--Josh

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Exactly. There are two issues. One is the liquidity that Josho mentions. The second is that since I'm using nicer chips/callets/discos, they tend to be very heat sensitive. Mine were melting from the lingering warmth of the melted butter. BUT, I didn't want to scoop hard dough. That's why all of my steps. I'm attempting to cool things down a bit, add the chocolate (once its cool enough to not melt the chocolate, but before its too firm to work with), cool a bit more (so its scoopable), then scoop. It sounds far worse than it really is. We're talking seconds of work at each stage while I'm off doing something else.


Chef, Curious Kumquat, Silver City, NM

A recent write-up in Dorado magazine

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Yeah.  I just used "ap baking flour" and they turned out fine the first time. 

I tried them again last night though (new batch), and I had issues.  These cookies didn't spread as much as the first, and ended up cakier and dry.  What gives?

did you allow the same amount of resting time as the first batch? this will allow the flour to hydrate fully.

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Of course since I said I haven't had any variance or issues...this morning my cookies spread about 30% more. The only difference in my process was that I baked on parchment instead of silpat. I guess I'll go back to silpat.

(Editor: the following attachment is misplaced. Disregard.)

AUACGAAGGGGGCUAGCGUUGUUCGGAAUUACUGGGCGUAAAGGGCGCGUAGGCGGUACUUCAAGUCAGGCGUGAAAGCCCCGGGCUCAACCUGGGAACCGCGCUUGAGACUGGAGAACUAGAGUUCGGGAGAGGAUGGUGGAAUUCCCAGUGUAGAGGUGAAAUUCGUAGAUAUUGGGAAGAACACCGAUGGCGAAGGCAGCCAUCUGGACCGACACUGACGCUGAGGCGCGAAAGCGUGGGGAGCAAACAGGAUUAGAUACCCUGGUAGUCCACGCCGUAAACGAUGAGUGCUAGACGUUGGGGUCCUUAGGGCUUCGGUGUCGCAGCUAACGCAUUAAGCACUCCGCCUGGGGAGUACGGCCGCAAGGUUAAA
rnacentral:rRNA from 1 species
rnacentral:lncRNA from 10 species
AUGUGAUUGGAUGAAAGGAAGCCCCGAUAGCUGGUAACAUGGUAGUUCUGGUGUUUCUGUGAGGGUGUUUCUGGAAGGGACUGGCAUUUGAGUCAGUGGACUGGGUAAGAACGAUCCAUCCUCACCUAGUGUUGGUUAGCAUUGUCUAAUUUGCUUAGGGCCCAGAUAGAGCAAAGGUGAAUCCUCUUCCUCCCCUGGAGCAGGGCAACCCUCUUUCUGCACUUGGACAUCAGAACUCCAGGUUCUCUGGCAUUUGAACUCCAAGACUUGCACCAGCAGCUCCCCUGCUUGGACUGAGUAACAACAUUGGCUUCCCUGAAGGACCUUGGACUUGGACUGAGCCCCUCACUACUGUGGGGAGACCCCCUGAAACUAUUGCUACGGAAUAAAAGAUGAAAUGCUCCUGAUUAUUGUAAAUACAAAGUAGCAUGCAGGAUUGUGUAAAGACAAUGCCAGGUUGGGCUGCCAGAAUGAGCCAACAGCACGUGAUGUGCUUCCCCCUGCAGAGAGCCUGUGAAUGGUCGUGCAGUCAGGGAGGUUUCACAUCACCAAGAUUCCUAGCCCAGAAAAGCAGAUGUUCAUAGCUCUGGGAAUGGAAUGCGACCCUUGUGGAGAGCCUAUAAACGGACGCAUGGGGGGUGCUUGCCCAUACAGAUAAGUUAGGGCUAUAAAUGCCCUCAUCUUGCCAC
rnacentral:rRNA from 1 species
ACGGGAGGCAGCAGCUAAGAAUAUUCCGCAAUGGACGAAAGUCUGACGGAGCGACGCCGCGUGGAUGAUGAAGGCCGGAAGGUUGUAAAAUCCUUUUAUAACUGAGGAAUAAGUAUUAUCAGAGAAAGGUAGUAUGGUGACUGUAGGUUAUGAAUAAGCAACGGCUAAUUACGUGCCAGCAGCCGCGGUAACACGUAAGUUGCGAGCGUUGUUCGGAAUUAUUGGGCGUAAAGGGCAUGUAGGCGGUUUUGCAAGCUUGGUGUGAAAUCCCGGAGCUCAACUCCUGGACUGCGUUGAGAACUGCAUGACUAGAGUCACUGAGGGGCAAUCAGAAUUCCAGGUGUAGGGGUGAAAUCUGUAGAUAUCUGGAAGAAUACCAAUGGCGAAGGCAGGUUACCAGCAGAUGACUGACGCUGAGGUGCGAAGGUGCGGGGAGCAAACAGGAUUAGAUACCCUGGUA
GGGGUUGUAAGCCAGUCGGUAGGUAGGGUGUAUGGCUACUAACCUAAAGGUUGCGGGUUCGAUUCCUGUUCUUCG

Chef, Curious Kumquat, Silver City, NM

A recent write-up in Dorado magazine

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Well, I tried a little sooner than the first batch, because I vacuum-sealed this time. However, I tried again and waited as long as my first batch, and they still didn't work. I think I may have screwed up the recipe somewhere. I was fairly tired when I made them, and it wouldn't surprise me.

Yeah.  I just used "ap baking flour" and they turned out fine the first time. 

I tried them again last night though (new batch), and I had issues.  These cookies didn't spread as much as the first, and ended up cakier and dry.  What gives?

did you allow the same amount of resting time as the first batch? this will allow the flour to hydrate fully.